Being a geologist and a creationist has to be a nightmare — on one side you operate within a field of science based on logical premises, discuss about evolution and processes which span over millions and even billion of years, and on the other hand you think that the Earth is six thousand years old and humans magically appeared. Well, an Australian called Andrew Snelling lives in both those worlds, and he now wants to sue the Grand Canyon. Here’s why.
Snelling is, by pretty much all accounts, a real geologist. He has a PhD in geology from the University of Sydney and also has several published peer-reviewed papers, mostly focusing on geochemistry. He’s also an ardent creationist, and in 2007, he joined Answers in Genesis, a Creationist apologetics organization led by Australian-born Christian fundamentalist and young-Earth creationist Ken Ham. Snelling’s last paper was published in 1990, about the Koongarra uranium deposits in Australia. In fact, almost all his published work is focused on uranium deposits in Australia.
Well, Snelling wants to take samples (around 60 fist-sized rocks) from the Grand Canyon to show that a global flood around 4,300 years ago is responsible for all the fossils we see today — yes, it’s the mythical Noahs Flood. So he set out to take samples from the Grand Canyon. Given the extremely valuable nature of the geological feature, you need a special permit to take samples, and this is where things get dicey.
For starters, the National Park Service, which is responsible for the Canyon’s administration, told Snelling that he can find the same rocks outside the park; but you see, creationists have a bit of a thing with the canyon. Another prominent young-Earth creationist, Steve Austin, took photos of nautiloid fossils and claimed that they are a result of the Noah flood, though he spectacularly failed to provide any valid scientific evidence. So Snelling insisted of taking rocks from the canyon.
The park solicited peer reviews from three geologists, all of which overwhelmingly rejected the claim. It’s not even that his career is basically non-scientific by now, though this was also considered.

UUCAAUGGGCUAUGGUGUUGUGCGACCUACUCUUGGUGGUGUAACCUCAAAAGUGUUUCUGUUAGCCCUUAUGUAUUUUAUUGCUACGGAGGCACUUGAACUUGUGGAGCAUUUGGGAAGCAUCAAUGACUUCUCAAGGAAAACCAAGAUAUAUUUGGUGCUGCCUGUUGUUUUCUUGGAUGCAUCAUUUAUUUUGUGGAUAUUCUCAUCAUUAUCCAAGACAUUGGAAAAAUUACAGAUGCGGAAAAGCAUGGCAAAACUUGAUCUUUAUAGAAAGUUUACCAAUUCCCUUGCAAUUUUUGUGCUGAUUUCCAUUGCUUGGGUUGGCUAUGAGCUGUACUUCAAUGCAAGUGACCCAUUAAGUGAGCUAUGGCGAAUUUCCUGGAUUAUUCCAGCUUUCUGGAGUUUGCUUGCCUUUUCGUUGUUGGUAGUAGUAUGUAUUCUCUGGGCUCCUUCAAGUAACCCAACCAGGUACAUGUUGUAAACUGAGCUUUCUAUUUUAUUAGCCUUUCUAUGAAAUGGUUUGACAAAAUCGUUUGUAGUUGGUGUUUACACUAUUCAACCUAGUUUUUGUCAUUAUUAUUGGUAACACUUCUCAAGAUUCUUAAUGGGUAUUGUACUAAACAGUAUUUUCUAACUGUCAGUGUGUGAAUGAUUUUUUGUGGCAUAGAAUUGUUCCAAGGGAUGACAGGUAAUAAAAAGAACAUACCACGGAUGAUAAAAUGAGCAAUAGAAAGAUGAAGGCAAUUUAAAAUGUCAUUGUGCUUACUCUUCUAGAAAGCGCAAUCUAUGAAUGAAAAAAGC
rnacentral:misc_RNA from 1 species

“His description of how to distinguish soft sediment from hard rock structures it not well written, up-to-date, or well referenced,” Karl Karlstrom, a geologist at the University of New Mexico who co-authored a 2014 paper on the age of the Grand Canyon, wrote in his review of the proposal for NPS. “My overall conclusion is that Dr. Snelling has no scientific track record and no scientific affiliation since 1982.”
For starters, Snelling failed to disclose his affiliation with Answers in Genesis. He also didn’t mention why he wanted to take samples, though this was later revealed. So the first attempt for a permit was denied.
Snelling submitted a second attempt, but this time, he didn’t say where he wants to take the samples from (you need GPS coordinates and photos for this type of permit, to be sure you’re not destroying something of particular value and to have some sort of accountability). Snelling refused to give the coordinates and so the second application was also denied. Now he’s suing the Park, citing religious discrimination as the main reason.
For starters, this is silly. There is a standard procedure for a research permit in the Grand Canyon, which Snelling simply failed to follow. All you need to do is say exactly why you need the samples from that particular place, submit GPS, photos, and ensure that you’re not destroying anything in the process.
The problem with this type of situation is that it’s basically a lose-lose for the Park. If they grant an unqualified application a permit, there’s a very good chance bad science will come of it. It’s easy for someone familiar with geological jargon to create a seemingly-correct paper claiming that the age of the Grand Canyon is 4,000 years old — and of course, un-educating people is not what the NPS wants. If you deny the application, people will scream ‘censorship,’ even if there’s a perfectly good reason to deny it.
In fact, this is exactly the spin creationist organizations are putting on this situation.
“This case perfectly illustrates why President Trump had to order executive agencies to affirm religious freedom, because park officials specifically targeted Dr. Snelling’s religious faith as the reason to stop his research,” said Gary McCaleb, senior counsel at the Alliance Defending Freedom, a Christian nonprofit advocacy and legal group that is representing Snelling in the suit.
Enjoyed this article? Join 40,000+ subscribers to the ZME Science newsletter. Subscribe now!